Discontent was also felt in the towns. The Soviet Union at the time experienced the most serious social and political crisis since the Kronstadt uprising.  In July, the Central Com­mittee decided to annul the "exceptional measures," which it emphasiSed were "temporary," and condemned those applica­tions of them which had given rise to "violation of revolutionary legality," to illegal searches, and to administrative arbitrari­ness, etc. Thus the Central Committee made the necessary correction in their procurement policy.  

So, Lenin-led NEP postponed war on the market forces for an unspecified period, and instead declared competition with them. Skillful price maneuvering in the markets was assumed to ensure the accumula­tion of the capital necessary for industrialisation at the expense of peasant income but not of civil peace. Throughout NEP, however, the fear that the markets would take the upper hand haunted the Bolshevik government. Price maneuvering in the markets, politically necessary as it was, was seen by many Bolsheviks as an un-heroic business, as attested to by the fact that during NEP the years of war communism came to be nostalgically remembered as "the heroic period of the great Russian Revolution.”

The Bolsheviks did not indiscriminately distrust the "bour­geois" specialists, nor did the Bolsheviks blindly trust them. Rather, before 1928 the Bolsheviks expediently assumed that NEP had al­lowed the majority of the "bourgeois" specialists not to be actively hostile to the Soviet government. 

At the sixteenth party conference in April 1929, a Rabkrin reporter declared that the time had come for war and that "we have already become en­gaged.

This piecemeal study of industrialisation does not dismiss the notion of "revolution from above," but challenges some assumptions im­plicit in it, thereby supplementing the findings, and supporting the most important implication, of recent western works on other aspects of Stalin's revolution. The revolution appears in these works not merely as a revolution from above but also as one that was to some extent politically pressed and supported "from be­low." So uncritically have western historians assumed that Sta­lin intimidated and terrorised the whole society that the question of popular support has largely escaped them. The concept of class war itself was in fact intended to gain the support of the working c1ass. In this article we discussed the extent and mode of both workers' resistance and support, and suggest that workers' support pro­vided the basis for the survival of the Soviet regime under Stalin, after Lenin’s death, that emerged from the revolution.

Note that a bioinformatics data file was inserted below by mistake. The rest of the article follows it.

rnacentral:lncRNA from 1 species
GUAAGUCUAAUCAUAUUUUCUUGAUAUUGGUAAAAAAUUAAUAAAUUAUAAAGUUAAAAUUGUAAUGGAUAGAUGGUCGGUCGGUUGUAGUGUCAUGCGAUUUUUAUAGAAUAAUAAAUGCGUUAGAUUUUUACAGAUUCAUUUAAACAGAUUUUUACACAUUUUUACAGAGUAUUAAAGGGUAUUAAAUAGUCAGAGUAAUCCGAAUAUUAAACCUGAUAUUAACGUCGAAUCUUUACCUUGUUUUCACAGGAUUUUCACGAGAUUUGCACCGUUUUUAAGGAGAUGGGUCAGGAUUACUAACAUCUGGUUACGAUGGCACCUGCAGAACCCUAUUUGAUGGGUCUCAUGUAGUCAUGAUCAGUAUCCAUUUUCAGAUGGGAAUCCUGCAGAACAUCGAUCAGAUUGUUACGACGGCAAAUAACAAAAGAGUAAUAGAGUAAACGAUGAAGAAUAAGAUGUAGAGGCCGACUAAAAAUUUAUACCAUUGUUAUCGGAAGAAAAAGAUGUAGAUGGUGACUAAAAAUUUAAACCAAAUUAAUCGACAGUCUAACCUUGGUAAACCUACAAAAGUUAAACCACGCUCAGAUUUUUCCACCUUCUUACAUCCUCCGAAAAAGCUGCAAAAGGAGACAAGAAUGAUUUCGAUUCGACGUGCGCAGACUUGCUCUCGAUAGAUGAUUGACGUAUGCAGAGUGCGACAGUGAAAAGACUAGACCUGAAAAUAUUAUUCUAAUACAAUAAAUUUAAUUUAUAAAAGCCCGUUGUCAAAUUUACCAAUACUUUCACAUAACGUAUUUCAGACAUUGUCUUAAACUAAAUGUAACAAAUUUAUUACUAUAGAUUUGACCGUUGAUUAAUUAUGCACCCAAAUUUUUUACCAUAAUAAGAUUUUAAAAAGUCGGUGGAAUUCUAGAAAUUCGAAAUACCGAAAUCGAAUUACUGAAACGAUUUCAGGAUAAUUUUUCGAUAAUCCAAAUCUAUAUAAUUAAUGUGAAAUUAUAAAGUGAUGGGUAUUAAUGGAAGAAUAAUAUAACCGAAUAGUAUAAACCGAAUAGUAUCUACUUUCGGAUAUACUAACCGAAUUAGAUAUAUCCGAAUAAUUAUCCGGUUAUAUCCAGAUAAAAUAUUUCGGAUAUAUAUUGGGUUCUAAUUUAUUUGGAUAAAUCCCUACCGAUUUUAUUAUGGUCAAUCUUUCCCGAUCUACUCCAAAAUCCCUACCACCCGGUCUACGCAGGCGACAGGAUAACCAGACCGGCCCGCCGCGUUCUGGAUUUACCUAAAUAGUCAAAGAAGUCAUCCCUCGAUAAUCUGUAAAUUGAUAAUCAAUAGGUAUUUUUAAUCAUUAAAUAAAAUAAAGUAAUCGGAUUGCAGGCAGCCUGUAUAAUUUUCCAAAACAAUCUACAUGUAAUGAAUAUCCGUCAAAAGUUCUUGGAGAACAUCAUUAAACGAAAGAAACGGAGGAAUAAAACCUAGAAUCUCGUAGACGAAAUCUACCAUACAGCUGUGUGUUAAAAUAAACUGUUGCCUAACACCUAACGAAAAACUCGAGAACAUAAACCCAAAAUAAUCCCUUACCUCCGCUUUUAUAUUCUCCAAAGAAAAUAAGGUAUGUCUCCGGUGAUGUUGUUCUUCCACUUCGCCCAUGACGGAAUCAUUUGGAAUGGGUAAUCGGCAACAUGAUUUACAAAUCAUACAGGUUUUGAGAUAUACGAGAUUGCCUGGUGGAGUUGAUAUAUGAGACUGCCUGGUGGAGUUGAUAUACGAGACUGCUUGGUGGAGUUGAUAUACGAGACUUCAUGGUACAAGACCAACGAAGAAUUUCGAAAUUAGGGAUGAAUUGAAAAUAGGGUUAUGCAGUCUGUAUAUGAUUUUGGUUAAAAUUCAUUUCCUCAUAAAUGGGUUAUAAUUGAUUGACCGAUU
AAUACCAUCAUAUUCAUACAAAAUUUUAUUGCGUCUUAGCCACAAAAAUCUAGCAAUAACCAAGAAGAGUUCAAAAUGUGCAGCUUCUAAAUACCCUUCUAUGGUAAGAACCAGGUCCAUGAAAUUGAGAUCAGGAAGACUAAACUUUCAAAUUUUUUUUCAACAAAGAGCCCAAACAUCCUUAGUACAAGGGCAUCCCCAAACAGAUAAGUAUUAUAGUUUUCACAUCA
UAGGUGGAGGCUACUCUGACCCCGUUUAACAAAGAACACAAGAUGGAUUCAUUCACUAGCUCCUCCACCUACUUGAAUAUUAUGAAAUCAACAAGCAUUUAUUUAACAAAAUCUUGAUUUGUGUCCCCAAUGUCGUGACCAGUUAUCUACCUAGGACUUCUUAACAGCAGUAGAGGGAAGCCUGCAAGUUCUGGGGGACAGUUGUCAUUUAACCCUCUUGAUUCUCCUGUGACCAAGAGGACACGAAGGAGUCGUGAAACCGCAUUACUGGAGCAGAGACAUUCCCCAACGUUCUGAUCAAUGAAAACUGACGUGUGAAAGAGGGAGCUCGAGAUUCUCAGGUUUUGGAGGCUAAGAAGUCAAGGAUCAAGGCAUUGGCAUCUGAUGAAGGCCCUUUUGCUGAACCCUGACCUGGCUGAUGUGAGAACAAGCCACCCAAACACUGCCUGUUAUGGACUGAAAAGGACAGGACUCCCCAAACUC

We conclude by asserting that this rapid industrialisation of Soviet Union, though some time became very harsh, provided the necessary industrial base for producing the indispensable heavy armaments for Soviet Union after Lenin’s death to crush the fascist forces and save the world from the onslaught of German/Japanese fascism, which no body can deny.